Ma Qiusha @ Middlesbrough Institute of Modern Art
emoji summary: 🔪👅😰
lately I’ve been thinking about how The White Pube sits against other critics (by which i mean everyone with @ArtReview // @ArtMonthly in their bio); wondering what’s drawing people our way instead of theirs; asking what is our essence? Well the white pube has been called a new style of criticism. I can’t remember who or when but someone labelled our writing embodied criticism, which sounds very official but that’s it. We articulate the somatic experience of an exhibition, what happens when art-things are brought together in a special room, n write around the aesthetic ~ political ~ personal value they can offer a visitor. we focus on those takings more so than the value an exhibition can add to the museum/gallery/host by being associated with the artists involved, or what the art gives to critical value in general, in terms of the entire history of art & all the references that go over my head.
embodied criticism is clear in our reviews when we walk into an exhibition with things on our mind;; like when I wrote about Wu Tsang at the FACT after I’d just been to therapy; or the last time i came up here to middlesbrough institute of modern art for their shows last autumn. there, i was attributing panic attacks to my millennial freelance status and never seeing myself moving out of my parents house slash develop into an actual adult: so the art was triggering almost. u get a better example this time around though because for this week’s review i travelled to mima to see new exhibitions as well as their collection changeover,,,,,,,but I woke up in a travelodge with hot-cold nausea, strong magnetism to the bed and back pain. I did make it to mima once i had no choice but to check out of the hotel but i was hurting, like if you were to touch the tops of my arms I might flinch. Any bad health for me is always mental so I’d forgotten what it was like to have a bug tbh, i might have been dramatiqq.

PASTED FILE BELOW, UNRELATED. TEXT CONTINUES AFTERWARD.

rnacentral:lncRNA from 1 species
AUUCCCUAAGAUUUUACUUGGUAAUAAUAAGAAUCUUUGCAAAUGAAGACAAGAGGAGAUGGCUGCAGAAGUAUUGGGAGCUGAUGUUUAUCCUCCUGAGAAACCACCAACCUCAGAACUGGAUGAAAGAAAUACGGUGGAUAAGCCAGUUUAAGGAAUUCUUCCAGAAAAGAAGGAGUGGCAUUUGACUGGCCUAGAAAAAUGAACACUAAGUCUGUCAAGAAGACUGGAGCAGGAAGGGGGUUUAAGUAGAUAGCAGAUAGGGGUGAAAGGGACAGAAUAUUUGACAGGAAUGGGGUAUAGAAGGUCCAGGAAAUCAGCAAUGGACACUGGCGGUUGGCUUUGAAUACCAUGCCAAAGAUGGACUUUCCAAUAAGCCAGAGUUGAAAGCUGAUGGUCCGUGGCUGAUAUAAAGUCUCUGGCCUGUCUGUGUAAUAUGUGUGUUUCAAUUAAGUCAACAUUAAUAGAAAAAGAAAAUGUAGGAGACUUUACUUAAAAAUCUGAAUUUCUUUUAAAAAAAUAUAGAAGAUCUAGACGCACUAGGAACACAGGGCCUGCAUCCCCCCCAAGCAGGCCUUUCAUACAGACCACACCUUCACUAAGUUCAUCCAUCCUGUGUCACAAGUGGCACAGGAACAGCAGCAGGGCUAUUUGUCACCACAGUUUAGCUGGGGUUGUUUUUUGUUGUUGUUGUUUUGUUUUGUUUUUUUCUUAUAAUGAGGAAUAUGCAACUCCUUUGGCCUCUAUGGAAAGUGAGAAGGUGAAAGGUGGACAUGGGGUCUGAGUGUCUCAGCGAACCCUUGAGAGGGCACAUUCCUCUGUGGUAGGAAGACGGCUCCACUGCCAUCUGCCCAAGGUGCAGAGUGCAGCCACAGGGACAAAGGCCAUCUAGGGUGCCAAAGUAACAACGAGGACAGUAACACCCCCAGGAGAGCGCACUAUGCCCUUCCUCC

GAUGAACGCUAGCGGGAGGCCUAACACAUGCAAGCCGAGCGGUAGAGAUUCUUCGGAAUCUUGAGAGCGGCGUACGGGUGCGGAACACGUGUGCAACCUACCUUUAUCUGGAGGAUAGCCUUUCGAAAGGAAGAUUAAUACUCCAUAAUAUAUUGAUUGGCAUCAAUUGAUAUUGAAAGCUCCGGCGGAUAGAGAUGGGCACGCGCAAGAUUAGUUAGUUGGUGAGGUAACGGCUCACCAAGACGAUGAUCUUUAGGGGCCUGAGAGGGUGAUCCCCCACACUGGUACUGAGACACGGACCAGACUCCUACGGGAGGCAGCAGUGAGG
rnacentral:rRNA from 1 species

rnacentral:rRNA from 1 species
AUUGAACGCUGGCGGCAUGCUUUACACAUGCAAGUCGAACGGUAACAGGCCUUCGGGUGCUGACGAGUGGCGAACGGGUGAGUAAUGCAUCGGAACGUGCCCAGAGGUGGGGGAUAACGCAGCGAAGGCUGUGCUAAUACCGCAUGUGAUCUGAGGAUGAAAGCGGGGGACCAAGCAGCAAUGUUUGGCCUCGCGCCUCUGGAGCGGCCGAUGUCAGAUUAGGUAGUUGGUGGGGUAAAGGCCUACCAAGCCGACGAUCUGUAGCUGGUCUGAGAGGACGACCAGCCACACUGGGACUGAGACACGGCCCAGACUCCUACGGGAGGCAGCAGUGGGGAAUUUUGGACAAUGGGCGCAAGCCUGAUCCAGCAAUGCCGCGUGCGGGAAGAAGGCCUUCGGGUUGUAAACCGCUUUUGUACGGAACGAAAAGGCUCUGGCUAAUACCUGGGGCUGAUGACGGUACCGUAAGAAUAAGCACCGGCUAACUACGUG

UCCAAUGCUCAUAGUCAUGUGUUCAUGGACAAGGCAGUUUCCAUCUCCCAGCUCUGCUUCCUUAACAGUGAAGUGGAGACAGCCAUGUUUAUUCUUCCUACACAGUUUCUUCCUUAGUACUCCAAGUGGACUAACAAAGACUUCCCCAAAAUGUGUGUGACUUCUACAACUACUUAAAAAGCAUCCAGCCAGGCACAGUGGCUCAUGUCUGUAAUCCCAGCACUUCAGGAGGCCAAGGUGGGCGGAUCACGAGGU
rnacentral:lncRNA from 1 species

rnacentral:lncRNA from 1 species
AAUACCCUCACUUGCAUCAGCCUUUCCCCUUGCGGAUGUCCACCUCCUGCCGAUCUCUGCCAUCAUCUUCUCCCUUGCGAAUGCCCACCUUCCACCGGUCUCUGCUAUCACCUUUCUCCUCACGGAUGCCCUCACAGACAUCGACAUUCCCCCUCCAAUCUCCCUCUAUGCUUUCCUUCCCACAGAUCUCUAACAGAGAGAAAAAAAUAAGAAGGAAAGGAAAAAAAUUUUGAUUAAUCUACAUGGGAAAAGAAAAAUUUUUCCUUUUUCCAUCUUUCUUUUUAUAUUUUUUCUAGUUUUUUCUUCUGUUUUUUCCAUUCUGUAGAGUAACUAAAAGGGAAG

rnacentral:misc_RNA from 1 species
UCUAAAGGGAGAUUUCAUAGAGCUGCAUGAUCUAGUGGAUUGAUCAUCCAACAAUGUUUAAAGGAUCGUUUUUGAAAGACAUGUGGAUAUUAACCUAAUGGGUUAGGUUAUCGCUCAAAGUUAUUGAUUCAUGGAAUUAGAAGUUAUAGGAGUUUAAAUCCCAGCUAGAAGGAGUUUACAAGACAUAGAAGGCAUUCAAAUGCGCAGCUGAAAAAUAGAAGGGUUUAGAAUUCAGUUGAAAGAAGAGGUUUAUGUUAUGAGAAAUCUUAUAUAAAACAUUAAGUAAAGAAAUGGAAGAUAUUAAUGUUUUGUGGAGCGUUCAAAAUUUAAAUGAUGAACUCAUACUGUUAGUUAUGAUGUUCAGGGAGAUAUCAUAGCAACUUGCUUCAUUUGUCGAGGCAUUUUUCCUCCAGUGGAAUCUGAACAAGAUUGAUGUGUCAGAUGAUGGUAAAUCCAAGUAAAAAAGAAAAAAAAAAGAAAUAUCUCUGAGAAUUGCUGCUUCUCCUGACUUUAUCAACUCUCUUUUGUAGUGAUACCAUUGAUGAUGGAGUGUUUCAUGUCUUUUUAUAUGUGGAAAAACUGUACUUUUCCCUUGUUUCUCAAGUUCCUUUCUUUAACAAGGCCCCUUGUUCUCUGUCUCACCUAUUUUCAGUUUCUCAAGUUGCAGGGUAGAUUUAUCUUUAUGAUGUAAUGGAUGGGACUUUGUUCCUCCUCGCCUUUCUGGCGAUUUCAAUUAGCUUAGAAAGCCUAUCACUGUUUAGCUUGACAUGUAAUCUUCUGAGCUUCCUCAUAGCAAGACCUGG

but it made for a tender visit, i couldn’t believe I wasn’t in bed and i felt so so far away from home. although there was a lot on, I could only handle/feel/remember a few pieces by artist Ma Qiusha. and honestly, that’s ok. One was a large projected video of someone’s legs wearing ice skates on the back of a motorbike, the blades scraping their way along the tarmac. the legs sway so either side of the blades are worn down like u would sharpen knives,, just, the way the legs move is defeated and fluid. the action put forward the title of video All My Sharpness Comes From Your Hardness, video falling into its own emotion. I wondered if i watched long enough would the metal disappear but i needed to find somewhere to sit so off i went, wrapped up in my coat towards the only chair in the room. it was in front of a video of the artist square in front of a camera speaking in Chinese about how her parents had regretted her not being born a boy; how they had drilled into her the need to b exceptional and not like everyone else. her parents, she says, spent more than their salary getting her an accordion but when she wasn’t especially gifted at it, they put her in drawing classes. the video is called From No.4 Pingyuanli to No.4 Tianqiaobeili and it is uncut, grounded. Ma Qiusha’s tone throughout is urgent but diplomatic, like someone invisible is holding her back, like she knows this is just an art video and not a real speech to her mum and dad. She remembers her mum standing outside those drawing classes tho and berating her afterwards for the times she lost concentration and still, she sympathises with her parents’ aspirations as much as she didn’t want to have to handle the pressure. And! When she has said everything she needs to say, the camera zooms in a little and Ma Qiusha pulls something out of her mouth - and i watched it a few times trying to see what. at first I thought it was dark paper or card, and then a large razor?, but whatever it was had left her tongue bloody and so it could have been either.